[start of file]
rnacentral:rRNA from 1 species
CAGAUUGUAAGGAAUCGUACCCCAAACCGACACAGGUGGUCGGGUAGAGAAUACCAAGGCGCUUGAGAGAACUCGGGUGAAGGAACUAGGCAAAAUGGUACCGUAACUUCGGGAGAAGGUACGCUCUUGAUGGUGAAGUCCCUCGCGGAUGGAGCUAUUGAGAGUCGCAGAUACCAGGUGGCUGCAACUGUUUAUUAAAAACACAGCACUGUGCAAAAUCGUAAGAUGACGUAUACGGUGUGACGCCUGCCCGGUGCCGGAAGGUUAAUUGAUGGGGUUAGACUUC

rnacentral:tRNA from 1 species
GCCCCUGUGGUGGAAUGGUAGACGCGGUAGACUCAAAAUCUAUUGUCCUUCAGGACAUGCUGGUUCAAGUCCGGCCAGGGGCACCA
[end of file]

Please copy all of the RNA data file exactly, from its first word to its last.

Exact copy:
rnacentral:rRNA from 1 species
CAGAUUGUAAGGAAUCGUACCCCAAACCGACACAGGUGGUCGGGUAGAGAAUACCAAGGCGCUUGAGAGAACUCGGGUGAAGGAACUAGGCAAAAUGGUACCGUAACUUCGGGAGAAGGUACGCUCUUGAUGGUGAAGUCCCUCGCGGAUGGAGCUAUUGAGAGUCGCAGAUACCAGGUGGCUGCAACUGUUUAUUAAAAACACAGCACUGUGCAAAAUCGUAAGAUGACGUAUACGGUGUGACGCCUGCCCGGUGCCGGAAGGUUAAUUGAUGGGGUUAGACUUC

rnacentral:tRNA from 1 species
GCCCCUGUGGUGGAAUGGUAGACGCGGUAGACUCAAAAUCUAUUGUCCUUCAGGACAUGCUGGUUCAAGUCCGGCCAGGGGCACCA